Here are portraits of five youth members of Development and Peace who gave a presentation on food sovereignty at this year’s People’s Social Forum in Ottawa. Some of them have started a Development and Peace social justice committee at their university. Find out why they are getting involved!
Abed Louis: Getting involved to support his community
Abed is from Gatineau and a student at the Université du Québec en Outaouais (UQO). He is studying international development and political science, and is the founder of the Social Justice Committee at UQO.
“Despite past failures, I continued to persevere in school until I was able to study political science at university. I want to be able to help the people around me one day. That is what motivates me.
“I got my friends interested in what I was reading on the injustices faced by countries in the Global South and they told me that I should do something, so I founded the Social Justice Committee at UQO. It’s a way to give back what I am able to have. I do it because it’s important.”
Alexandra Cadar: Striving for justice
Alexandra is from Montreal. She is a biologist who has been involved with Development and Peace for over a year.
“When I’m working, I throw myself completely into my work and like to see concrete results. I did my master’s degree in biochemistry, but I wanted to have an impact on people. I had been involved in my parish for a long time, then one day I had the idea to direct a play for my Church to educate people about one of Development and Peace’s campaigns. Since then, I have continued to be involved with Development and Peace and now, I would like to become a pastoral agent.”
Anne Jean-Bart: Spreading happiness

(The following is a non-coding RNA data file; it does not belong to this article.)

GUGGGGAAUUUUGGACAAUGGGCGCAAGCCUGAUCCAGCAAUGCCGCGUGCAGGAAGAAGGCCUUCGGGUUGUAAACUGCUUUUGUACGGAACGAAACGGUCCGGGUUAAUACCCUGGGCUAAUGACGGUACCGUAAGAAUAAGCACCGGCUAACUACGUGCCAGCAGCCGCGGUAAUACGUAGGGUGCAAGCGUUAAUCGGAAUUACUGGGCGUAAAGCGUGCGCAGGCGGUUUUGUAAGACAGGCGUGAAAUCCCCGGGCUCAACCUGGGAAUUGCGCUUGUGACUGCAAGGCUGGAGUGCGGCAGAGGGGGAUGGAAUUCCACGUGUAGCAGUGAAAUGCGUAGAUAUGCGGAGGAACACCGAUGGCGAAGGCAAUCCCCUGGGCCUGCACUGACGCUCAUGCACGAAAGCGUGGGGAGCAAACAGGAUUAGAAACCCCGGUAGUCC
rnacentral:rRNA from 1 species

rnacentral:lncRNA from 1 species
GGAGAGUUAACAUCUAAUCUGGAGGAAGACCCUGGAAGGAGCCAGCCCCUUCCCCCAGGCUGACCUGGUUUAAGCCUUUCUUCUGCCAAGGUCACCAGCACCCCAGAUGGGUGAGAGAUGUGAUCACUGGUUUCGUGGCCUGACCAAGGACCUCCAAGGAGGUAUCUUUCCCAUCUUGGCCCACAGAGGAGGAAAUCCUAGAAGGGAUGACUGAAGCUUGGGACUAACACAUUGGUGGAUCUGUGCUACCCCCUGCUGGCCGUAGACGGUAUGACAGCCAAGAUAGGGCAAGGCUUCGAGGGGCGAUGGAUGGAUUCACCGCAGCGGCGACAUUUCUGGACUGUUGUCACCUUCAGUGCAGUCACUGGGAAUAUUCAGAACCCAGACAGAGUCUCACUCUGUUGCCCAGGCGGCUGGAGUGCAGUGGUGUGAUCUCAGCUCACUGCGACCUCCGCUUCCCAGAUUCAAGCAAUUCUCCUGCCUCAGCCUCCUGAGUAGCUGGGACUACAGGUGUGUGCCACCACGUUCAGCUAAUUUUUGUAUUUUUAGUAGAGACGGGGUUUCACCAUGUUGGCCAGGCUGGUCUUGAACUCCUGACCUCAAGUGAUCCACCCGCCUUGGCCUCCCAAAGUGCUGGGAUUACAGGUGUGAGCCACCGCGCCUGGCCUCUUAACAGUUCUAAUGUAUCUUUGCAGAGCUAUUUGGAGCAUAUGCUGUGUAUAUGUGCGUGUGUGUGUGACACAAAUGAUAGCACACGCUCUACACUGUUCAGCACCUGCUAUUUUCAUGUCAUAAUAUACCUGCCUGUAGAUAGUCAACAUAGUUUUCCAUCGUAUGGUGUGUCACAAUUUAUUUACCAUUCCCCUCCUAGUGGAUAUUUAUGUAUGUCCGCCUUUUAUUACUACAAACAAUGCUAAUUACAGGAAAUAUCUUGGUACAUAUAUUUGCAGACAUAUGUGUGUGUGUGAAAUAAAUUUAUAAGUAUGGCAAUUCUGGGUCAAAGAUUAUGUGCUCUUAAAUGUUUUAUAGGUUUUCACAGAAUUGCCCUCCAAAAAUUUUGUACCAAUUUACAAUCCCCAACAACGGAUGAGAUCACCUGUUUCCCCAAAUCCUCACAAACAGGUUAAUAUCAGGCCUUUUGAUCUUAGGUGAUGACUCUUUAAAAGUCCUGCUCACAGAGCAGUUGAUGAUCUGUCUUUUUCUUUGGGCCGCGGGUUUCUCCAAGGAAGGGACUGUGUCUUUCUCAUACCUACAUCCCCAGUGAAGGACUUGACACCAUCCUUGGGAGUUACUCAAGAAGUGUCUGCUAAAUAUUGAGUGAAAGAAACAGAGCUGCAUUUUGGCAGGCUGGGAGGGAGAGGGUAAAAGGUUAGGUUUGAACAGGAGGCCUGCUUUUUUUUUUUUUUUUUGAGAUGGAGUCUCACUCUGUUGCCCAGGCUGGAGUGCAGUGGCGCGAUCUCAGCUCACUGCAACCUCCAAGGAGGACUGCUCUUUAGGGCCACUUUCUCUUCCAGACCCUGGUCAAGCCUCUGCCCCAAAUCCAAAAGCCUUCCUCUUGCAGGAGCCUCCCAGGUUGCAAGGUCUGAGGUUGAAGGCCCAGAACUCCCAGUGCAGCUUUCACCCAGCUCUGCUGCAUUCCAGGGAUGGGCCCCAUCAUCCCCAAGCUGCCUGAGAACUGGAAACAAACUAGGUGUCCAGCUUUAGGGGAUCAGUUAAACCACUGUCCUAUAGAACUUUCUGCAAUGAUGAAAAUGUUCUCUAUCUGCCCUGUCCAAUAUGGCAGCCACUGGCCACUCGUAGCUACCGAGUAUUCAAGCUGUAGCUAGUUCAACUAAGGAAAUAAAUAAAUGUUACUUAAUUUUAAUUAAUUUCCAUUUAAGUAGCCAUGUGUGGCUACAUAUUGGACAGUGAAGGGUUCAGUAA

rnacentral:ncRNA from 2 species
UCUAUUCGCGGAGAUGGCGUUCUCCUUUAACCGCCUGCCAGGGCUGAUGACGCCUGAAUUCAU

Anne is from Montreal and studies at UQO in education, and is a member of the Social Justice Committee at UQO.
“I have always been involved in community life. With my friends, we got into the habit of meeting at my place once a month to prepare lunches that we would then hand out to the homeless in the worst neighborhoods in Montreal. That gave me a chance to talk to them and understand their reality.
“I like seeing smiles appear on faces. The little I can do, I will do. I’m pretty determined to change things, even if it involves sacrifice.”
Liautaud Philogène: Learning from the past to build a better world
Liautaud is from Ottawa, and a student in international development, as well as a member of the Social Justice Committee at UQO.
“When I was 16 years old, I nearly died in a natural disaster in Haiti. It was a friend who saved me. Then I went to study in the United States and Canada, far from my home, so I had to grow up fast.
“At the time, I didn’t know anything about dictatorships and politics. Today, I’d like to work with the Ministry of Education in Haiti so there is schooling for the entire population. In the meantime, I am involved in the Social Justice Committee to get some experience.”
Serge Gagnon: Working to empower communities
Serge is from Quebec City and has graduated with a degree in anthropology. He has been involved in Development and Peace’s campaigns for several months.
“The student protests in 2012 were a trigger for me to be more involved. Development and Peace’s vision matched my understanding of a participatory approach to anthropology and of empowerment.”
by Marie-Christine Aubin Côté